Plants feel, fish feel, cows feel – but we have to eat

‘Plants feel, fish feel, cows feel – but we have to eat.’  This was a comment made on a recent post promoting veganism. It’s almost possible to hear the dismissive shrug at the end.

It’s another of these sentences that I must have seen hundreds of times in various guises. Yet in a very few words it says so much about the writer, so much about our culture and so much about our personal attitude to ethics and responsibility, while illustrating the effects of the lies and myths that we are raised to embrace as fact. As a sentence, it’s something of an accidental masterpiece and as a vegan writer, I’d love to encapsulate so much in so few words, but writing in defence of our victims places one constantly at a disadvantage; the disadvantage of challenging the unfounded beliefs and self-serving fantasies that we grow up thinking of as ‘information’. Before the truth can be recognised, the shell of complacency that formed around us in our childhood must be shattered or at the very least, severely weakened.

For each of us, that protective shell was created by a desensitisation process that we were unaware was even taking place, as our infant selves were gradually corrupted to become complicit in the most unjust and brutal system of oppression that the world has ever seen. The horror of what was done to us was compounded by our being simultaneously taught to believe a complete fairy tale about the barbarism being ‘necessary’, a fantasy that we ‘love’ our victims, a blinkered delusion that we are fiercely opposed to their being harmed, and that our own behaviour, regardless of what it is, does not qualify as participation in the atrocity.

Do plants feel?

So let’s look at the idea that ‘plants have feelings’. It’s one of the most common – if not the most common – ‘argument’ in favour of the tormenting and slaughter of almost 75 billion sentient land-based individuals every year (which takes no account of the trillions of marine creatures and numerous other very large and significant groups), and it’s trotted out countless times a day on social media. I have always resisted writing about plants for several reasons.

The first reason is that I’m completely sure that the majority of those who repeat this with monotonous regularity have never read further than a few sensationalist click-bait headlines. I would truly challenge whether the majority of ‘plant activists’ have ever read the science. That science is truly fascinating and although I understand it is now largely discredited, I recall a much younger self being absolutely enthralled by the book ‘The Secret Life of Plants’.  Discredited or not, it began in me a sense of wonder and a deep appreciation of hidden marvels hitherto unknown in the lives of the myriad organisms known as plants. At various times I have kept Venus Fly Trap plants, watching in gruesome fascination as a victim triggered the embrace of the clasping trap where their life would end bathed in the digestive enzymes of the enclosing surface; I have been awed by a Mimosa Pudica , by the sensitive response to the lightest touch, observing the swift and protective folding and drooping of the leaves. There is no doubt that there is much we do not know about plants, and so much more that we can learn. It is, however, inescapable that however plants may react to stimuli, and whatever level of perception this evidences, they all differ significantly from our animal victims in that they lack a nervous system and a brain.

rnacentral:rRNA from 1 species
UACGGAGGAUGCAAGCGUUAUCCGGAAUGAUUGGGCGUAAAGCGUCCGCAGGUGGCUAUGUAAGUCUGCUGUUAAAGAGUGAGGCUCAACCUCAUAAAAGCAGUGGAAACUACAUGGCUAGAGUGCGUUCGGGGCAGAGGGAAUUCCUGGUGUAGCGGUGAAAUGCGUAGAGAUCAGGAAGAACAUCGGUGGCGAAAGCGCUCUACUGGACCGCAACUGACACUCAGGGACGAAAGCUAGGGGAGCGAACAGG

Some of the current science of plant perception is usefully summed up in this article by the BBC entitled ‘Plants can see, hear and smell – and respond’ which links to several individual studies.

“Do I think plants are smart? I think plants are complex.” However complexity, says Daniel Chamovitz of Tel Aviv University, should not be confused with intelligence.

“We plant scientists are happy to talk about similarities and differences between the plant and animal lifestyles when presenting results of plant research to the general public. You want to avoid [such metaphors], unless you are interested in a (usually futile) debate about a carrot’s ability to feel pain when you bite into it.”  Reliance on animal-based metaphors to describe plants comes with issues, says Fatima Cvrčková, a researcher at Charles University in Prague. Plants are supremely adapted for doing exactly what they need to do. They may lack a nervous system, a brain and other features we associate with complexity, but they excel in other areas.